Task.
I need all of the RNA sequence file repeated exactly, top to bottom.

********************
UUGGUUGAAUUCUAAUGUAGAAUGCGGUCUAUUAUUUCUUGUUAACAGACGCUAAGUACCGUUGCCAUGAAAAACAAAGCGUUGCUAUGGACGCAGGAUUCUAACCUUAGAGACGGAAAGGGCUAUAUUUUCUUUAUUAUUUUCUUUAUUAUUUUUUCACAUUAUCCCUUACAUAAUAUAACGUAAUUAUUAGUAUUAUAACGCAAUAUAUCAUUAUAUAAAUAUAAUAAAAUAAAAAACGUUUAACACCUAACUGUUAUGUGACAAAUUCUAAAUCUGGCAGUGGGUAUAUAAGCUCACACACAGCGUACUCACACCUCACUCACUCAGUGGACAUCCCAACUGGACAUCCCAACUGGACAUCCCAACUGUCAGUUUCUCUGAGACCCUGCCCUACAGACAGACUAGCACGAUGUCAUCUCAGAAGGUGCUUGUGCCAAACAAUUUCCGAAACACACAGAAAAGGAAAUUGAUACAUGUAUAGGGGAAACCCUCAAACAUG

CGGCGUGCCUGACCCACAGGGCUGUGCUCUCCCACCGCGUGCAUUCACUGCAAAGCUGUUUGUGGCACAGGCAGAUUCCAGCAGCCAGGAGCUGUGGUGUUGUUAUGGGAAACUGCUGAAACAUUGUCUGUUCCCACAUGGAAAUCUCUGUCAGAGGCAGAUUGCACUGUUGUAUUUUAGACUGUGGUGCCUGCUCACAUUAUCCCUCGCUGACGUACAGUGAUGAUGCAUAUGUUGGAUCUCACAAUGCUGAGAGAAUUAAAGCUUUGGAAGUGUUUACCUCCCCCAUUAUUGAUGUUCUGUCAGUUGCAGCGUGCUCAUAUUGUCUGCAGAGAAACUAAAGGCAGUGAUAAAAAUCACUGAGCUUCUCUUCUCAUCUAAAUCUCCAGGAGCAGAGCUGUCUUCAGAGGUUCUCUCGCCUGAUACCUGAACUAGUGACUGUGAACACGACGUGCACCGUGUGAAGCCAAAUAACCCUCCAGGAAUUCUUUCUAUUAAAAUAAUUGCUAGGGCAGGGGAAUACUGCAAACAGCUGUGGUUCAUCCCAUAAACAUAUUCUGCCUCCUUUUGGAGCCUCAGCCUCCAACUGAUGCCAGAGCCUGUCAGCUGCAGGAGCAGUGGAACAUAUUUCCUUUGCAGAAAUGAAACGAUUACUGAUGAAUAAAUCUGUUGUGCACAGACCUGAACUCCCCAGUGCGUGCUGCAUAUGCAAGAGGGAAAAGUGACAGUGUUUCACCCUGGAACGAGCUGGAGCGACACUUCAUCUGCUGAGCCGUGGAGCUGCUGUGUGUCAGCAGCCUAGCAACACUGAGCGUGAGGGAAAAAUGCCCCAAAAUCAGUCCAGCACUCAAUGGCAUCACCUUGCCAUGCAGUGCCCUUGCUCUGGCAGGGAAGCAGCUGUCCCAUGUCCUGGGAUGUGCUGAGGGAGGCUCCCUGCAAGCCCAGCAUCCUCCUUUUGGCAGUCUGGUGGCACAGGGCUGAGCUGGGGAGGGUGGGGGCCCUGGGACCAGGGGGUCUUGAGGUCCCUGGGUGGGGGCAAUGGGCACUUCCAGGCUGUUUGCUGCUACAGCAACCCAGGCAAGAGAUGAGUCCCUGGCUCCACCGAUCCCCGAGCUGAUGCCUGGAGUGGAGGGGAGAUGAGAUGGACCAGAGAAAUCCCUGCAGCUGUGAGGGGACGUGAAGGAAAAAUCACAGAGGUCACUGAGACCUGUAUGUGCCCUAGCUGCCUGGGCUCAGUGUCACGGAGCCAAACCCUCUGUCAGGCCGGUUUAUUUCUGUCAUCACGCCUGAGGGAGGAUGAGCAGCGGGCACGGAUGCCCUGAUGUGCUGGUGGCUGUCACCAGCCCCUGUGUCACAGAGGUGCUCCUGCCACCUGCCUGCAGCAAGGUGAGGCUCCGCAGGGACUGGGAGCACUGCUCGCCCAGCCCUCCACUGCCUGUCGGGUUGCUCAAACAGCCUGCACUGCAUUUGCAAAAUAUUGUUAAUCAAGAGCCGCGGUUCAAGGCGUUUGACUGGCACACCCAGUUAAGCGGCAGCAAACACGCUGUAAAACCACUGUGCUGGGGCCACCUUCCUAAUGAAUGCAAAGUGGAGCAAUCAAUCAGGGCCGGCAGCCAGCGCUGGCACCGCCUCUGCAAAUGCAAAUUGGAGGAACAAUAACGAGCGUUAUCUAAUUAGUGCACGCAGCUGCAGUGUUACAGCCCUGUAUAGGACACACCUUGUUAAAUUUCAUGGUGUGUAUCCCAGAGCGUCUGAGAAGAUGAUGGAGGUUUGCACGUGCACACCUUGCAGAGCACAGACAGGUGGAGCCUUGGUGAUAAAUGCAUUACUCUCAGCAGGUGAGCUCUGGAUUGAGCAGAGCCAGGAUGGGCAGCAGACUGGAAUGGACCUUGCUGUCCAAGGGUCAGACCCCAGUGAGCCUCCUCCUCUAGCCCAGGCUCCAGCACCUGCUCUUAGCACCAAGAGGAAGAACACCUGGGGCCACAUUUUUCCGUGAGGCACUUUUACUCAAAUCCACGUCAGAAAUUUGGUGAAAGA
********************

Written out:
UUGGUUGAAUUCUAAUGUAGAAUGCGGUCUAUUAUUUCUUGUUAACAGACGCUAAGUACCGUUGCCAUGAAAAACAAAGCGUUGCUAUGGACGCAGGAUUCUAACCUUAGAGACGGAAAGGGCUAUAUUUUCUUUAUUAUUUUCUUUAUUAUUUUUUCACAUUAUCCCUUACAUAAUAUAACGUAAUUAUUAGUAUUAUAACGCAAUAUAUCAUUAUAUAAAUAUAAUAAAAUAAAAAACGUUUAACACCUAACUGUUAUGUGACAAAUUCUAAAUCUGGCAGUGGGUAUAUAAGCUCACACACAGCGUACUCACACCUCACUCACUCAGUGGACAUCCCAACUGGACAUCCCAACUGGACAUCCCAACUGUCAGUUUCUCUGAGACCCUGCCCUACAGACAGACUAGCACGAUGUCAUCUCAGAAGGUGCUUGUGCCAAACAAUUUCCGAAACACACAGAAAAGGAAAUUGAUACAUGUAUAGGGGAAACCCUCAAACAUG

CGGCGUGCCUGACCCACAGGGCUGUGCUCUCCCACCGCGUGCAUUCACUGCAAAGCUGUUUGUGGCACAGGCAGAUUCCAGCAGCCAGGAGCUGUGGUGUUGUUAUGGGAAACUGCUGAAACAUUGUCUGUUCCCACAUGGAAAUCUCUGUCAGAGGCAGAUUGCACUGUUGUAUUUUAGACUGUGGUGCCUGCUCACAUUAUCCCUCGCUGACGUACAGUGAUGAUGCAUAUGUUGGAUCUCACAAUGCUGAGAGAAUUAAAGCUUUGGAAGUGUUUACCUCCCCCAUUAUUGAUGUUCUGUCAGUUGCAGCGUGCUCAUAUUGUCUGCAGAGAAACUAAAGGCAGUGAUAAAAAUCACUGAGCUUCUCUUCUCAUCUAAAUCUCCAGGAGCAGAGCUGUCUUCAGAGGUUCUCUCGCCUGAUACCUGAACUAGUGACUGUGAACACGACGUGCACCGUGUGAAGCCAAAUAACCCUCCAGGAAUUCUUUCUAUUAAAAUAAUUGCUAGGGCAGGGGAAUACUGCAAACAGCUGUGGUUCAUCCCAUAAACAUAUUCUGCCUCCUUUUGGAGCCUCAGCCUCCAACUGAUGCCAGAGCCUGUCAGCUGCAGGAGCAGUGGAACAUAUUUCCUUUGCAGAAAUGAAACGAUUACUGAUGAAUAAAUCUGUUGUGCACAGACCUGAACUCCCCAGUGCGUGCUGCAUAUGCAAGAGGGAAAAGUGACAGUGUUUCACCCUGGAACGAGCUGGAGCGACACUUCAUCUGCUGAGCCGUGGAGCUGCUGUGUGUCAGCAGCCUAGCAACACUGAGCGUGAGGGAAAAAUGCCCCAAAAUCAGUCCAGCACUCAAUGGCAUCACCUUGCCAUGCAGUGCCCUUGCUCUGGCAGGGAAGCAGCUGUCCCAUGUCCUGGGAUGUGCUGAGGGAGGCUCCCUGCAAGCCCAGCAUCCUCCUUUUGGCAGUCUGGUGGCACAGGGCUGAGCUGGGGAGGGUGGGGGCCCUGGGACCAGGGGGUCUUGAGGUCCCUGGGUGGGGGCAAUGGGCACUUCCAGGCUGUUUGCUGCUACAGCAACCCAGGCAAGAGAUGAGUCCCUGGCUCCACCGAUCCCCGAGCUGAUGCCUGGAGUGGAGGGGAGAUGAGAUGGACCAGAGAAAUCCCUGCAGCUGUGAGGGGACGUGAAGGAAAAAUCACAGAGGUCACUGAGACCUGUAUGUGCCCUAGCUGCCUGGGCUCAGUGUCACGGAGCCAAACCCUCUGUCAGGCCGGUUUAUUUCUGUCAUCACGCCUGAGGGAGGAUGAGCAGCGGGCACGGAUGCCCUGAUGUGCUGGUGGCUGUCACCAGCCCCUGUGUCACAGAGGUGCUCCUGCCACCUGCCUGCAGCAAGGUGAGGCUCCGCAGGGACUGGGAGCACUGCUCGCCCAGCCCUCCACUGCCUGUCGGGUUGCUCAAACAGCCUGCACUGCAUUUGCAAAAUAUUGUUAAUCAAGAGCCGCGGUUCAAGGCGUUUGACUGGCACACCCAGUUAAGCGGCAGCAAACACGCUGUAAAACCACUGUGCUGGGGCCACCUUCCUAAUGAAUGCAAAGUGGAGCAAUCAAUCAGGGCCGGCAGCCAGCGCUGGCACCGCCUCUGCAAAUGCAAAUUGGAGGAACAAUAACGAGCGUUAUCUAAUUAGUGCACGCAGCUGCAGUGUUACAGCCCUGUAUAGGACACACCUUGUUAAAUUUCAUGGUGUGUAUCCCAGAGCGUCUGAGAAGAUGAUGGAGGUUUGCACGUGCACACCUUGCAGAGCACAGACAGGUGGAGCCUUGGUGAUAAAUGCAUUACUCUCAGCAGGUGAGCUCUGGAUUGAGCAGAGCCAGGAUGGGCAGCAGACUGGAAUGGACCUUGCUGUCCAAGGGUCAGACCCCAGUGAGCCUCCUCCUCUAGCCCAGGCUCCAGCACCUGCUCUUAGCACCAAGAGGAAGAACACCUGGGGCCACAUUUUUCCGUGAGGCACUUUUACUCAAAUCCACGUCAGAAAUUUGGUGAAAGA